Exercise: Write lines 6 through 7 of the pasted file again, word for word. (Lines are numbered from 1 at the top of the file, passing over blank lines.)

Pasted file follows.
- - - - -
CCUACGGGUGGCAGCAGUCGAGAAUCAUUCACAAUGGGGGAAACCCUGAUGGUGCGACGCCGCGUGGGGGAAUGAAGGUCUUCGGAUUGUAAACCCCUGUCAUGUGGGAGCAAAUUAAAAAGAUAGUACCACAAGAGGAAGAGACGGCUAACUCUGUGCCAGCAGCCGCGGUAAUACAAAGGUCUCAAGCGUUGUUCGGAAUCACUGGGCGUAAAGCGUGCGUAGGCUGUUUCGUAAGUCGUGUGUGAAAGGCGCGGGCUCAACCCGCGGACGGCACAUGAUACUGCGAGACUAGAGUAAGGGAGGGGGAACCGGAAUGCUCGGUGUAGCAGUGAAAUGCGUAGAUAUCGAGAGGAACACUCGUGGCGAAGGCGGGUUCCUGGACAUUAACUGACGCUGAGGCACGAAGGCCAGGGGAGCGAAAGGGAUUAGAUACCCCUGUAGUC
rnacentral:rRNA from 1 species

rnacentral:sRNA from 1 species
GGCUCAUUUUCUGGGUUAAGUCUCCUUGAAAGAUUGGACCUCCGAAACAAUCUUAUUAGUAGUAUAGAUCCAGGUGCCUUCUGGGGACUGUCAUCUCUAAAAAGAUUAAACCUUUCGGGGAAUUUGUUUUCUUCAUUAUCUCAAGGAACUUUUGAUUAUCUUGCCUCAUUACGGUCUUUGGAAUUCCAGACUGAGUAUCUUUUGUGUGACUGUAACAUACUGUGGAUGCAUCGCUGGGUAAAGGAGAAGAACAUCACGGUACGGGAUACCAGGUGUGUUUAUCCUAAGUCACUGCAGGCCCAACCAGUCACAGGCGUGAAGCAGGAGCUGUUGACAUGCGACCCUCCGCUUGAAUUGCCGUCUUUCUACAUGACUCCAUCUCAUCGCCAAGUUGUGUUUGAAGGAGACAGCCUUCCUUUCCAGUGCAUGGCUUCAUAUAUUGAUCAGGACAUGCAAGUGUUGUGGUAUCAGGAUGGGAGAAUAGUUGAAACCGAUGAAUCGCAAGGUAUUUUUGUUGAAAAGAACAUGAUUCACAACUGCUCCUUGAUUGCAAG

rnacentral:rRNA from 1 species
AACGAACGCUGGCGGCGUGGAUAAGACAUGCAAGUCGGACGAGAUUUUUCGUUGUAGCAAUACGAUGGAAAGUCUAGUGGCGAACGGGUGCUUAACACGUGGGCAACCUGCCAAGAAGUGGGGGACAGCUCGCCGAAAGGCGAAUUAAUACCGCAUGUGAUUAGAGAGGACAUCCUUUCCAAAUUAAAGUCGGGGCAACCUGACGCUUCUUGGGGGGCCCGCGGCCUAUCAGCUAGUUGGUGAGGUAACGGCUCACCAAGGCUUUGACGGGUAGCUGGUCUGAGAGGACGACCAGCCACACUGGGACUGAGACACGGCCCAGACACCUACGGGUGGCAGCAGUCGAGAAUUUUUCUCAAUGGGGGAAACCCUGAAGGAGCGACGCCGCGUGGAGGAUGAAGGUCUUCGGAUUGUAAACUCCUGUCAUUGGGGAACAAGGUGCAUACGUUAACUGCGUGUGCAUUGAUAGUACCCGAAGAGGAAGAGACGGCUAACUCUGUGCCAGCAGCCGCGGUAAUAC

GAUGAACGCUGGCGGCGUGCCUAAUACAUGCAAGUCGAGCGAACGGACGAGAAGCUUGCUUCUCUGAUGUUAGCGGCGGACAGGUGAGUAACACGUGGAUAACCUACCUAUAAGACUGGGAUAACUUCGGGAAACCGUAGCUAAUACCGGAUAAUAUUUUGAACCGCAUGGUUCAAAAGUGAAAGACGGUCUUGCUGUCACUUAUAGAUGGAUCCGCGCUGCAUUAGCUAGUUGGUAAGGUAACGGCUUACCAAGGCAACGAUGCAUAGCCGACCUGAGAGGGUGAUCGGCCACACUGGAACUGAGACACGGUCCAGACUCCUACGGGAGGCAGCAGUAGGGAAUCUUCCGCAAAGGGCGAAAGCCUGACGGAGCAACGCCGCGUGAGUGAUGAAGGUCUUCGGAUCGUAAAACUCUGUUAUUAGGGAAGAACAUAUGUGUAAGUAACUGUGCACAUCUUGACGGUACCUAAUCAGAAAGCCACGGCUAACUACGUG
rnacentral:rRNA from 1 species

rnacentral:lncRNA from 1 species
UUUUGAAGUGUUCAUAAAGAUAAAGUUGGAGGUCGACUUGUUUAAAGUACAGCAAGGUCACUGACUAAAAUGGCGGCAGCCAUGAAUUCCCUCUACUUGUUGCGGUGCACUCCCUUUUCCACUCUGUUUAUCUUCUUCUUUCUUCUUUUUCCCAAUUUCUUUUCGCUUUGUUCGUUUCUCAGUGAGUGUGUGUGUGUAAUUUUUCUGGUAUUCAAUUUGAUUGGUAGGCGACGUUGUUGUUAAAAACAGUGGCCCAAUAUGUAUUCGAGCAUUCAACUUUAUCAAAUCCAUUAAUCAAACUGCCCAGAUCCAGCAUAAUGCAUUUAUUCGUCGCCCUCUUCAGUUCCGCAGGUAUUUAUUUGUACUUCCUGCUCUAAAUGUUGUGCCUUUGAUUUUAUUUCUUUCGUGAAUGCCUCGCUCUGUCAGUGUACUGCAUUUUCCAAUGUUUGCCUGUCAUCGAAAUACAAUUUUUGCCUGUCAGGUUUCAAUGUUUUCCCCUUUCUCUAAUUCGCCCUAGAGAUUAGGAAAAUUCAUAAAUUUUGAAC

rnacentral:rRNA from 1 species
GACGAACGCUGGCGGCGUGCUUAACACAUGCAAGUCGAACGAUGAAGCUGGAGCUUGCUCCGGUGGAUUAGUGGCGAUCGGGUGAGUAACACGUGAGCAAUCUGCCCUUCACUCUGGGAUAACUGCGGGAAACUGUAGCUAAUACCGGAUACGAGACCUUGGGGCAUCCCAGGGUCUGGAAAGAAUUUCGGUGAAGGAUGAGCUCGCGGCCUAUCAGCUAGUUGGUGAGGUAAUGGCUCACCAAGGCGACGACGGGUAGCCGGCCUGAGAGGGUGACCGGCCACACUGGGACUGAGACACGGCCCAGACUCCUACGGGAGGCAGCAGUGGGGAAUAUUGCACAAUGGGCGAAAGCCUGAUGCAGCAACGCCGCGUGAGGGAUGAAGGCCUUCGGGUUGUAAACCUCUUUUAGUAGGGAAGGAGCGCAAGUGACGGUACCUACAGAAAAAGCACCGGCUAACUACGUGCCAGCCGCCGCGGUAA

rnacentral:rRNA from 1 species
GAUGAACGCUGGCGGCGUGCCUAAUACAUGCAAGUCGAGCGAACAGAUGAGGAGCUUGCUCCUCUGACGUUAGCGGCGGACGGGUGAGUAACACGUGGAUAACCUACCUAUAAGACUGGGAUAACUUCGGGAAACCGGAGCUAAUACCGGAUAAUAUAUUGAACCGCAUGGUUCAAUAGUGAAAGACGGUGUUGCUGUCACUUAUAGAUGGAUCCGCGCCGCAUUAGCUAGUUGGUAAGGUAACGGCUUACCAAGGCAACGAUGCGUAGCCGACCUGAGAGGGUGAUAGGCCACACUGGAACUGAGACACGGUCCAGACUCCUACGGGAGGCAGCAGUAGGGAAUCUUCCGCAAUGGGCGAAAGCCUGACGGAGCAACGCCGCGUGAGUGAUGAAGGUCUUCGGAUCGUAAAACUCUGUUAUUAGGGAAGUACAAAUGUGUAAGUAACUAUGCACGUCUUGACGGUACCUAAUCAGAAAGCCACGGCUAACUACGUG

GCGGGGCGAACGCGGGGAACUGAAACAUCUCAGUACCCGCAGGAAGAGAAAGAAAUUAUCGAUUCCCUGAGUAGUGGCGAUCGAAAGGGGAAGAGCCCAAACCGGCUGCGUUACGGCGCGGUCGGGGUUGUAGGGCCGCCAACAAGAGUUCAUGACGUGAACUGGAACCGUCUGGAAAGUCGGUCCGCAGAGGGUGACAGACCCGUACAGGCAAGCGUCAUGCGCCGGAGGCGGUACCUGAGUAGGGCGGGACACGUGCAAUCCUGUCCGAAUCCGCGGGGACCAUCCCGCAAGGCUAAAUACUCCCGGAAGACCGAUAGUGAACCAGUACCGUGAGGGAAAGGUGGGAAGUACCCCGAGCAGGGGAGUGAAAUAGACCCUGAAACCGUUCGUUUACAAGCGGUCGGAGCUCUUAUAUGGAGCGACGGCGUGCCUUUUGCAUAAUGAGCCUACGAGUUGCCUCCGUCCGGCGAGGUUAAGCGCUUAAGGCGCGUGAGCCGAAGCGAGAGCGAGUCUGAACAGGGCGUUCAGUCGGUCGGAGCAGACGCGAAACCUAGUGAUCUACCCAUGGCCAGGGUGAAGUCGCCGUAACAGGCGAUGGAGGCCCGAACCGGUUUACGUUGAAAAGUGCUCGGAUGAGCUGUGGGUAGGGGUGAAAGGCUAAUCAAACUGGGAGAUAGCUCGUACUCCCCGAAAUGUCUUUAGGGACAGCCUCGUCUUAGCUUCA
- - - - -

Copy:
AACGAACGCUGGCGGCGUGGAUAAGACAUGCAAGUCGGACGAGAUUUUUCGUUGUAGCAAUACGAUGGAAAGUCUAGUGGCGAACGGGUGCUUAACACGUGGGCAACCUGCCAAGAAGUGGGGGACAGCUCGCCGAAAGGCGAAUUAAUACCGCAUGUGAUUAGAGAGGACAUCCUUUCCAAAUUAAAGUCGGGGCAACCUGACGCUUCUUGGGGGGCCCGCGGCCUAUCAGCUAGUUGGUGAGGUAACGGCUCACCAAGGCUUUGACGGGUAGCUGGUCUGAGAGGACGACCAGCCACACUGGGACUGAGACACGGCCCAGACACCUACGGGUGGCAGCAGUCGAGAAUUUUUCUCAAUGGGGGAAACCCUGAAGGAGCGACGCCGCGUGGAGGAUGAAGGUCUUCGGAUUGUAAACUCCUGUCAUUGGGGAACAAGGUGCAUACGUUAACUGCGUGUGCAUUGAUAGUACCCGAAGAGGAAGAGACGGCUAACUCUGUGCCAGCAGCCGCGGUAAUAC

GAUGAACGCUGGCGGCGUGCCUAAUACAUGCAAGUCGAGCGAACGGACGAGAAGCUUGCUUCUCUGAUGUUAGCGGCGGACAGGUGAGUAACACGUGGAUAACCUACCUAUAAGACUGGGAUAACUUCGGGAAACCGUAGCUAAUACCGGAUAAUAUUUUGAACCGCAUGGUUCAAAAGUGAAAGACGGUCUUGCUGUCACUUAUAGAUGGAUCCGCGCUGCAUUAGCUAGUUGGUAAGGUAACGGCUUACCAAGGCAACGAUGCAUAGCCGACCUGAGAGGGUGAUCGGCCACACUGGAACUGAGACACGGUCCAGACUCCUACGGGAGGCAGCAGUAGGGAAUCUUCCGCAAAGGGCGAAAGCCUGACGGAGCAACGCCGCGUGAGUGAUGAAGGUCUUCGGAUCGUAAAACUCUGUUAUUAGGGAAGAACAUAUGUGUAAGUAACUGUGCACAUCUUGACGGUACCUAAUCAGAAAGCCACGGCUAACUACGUG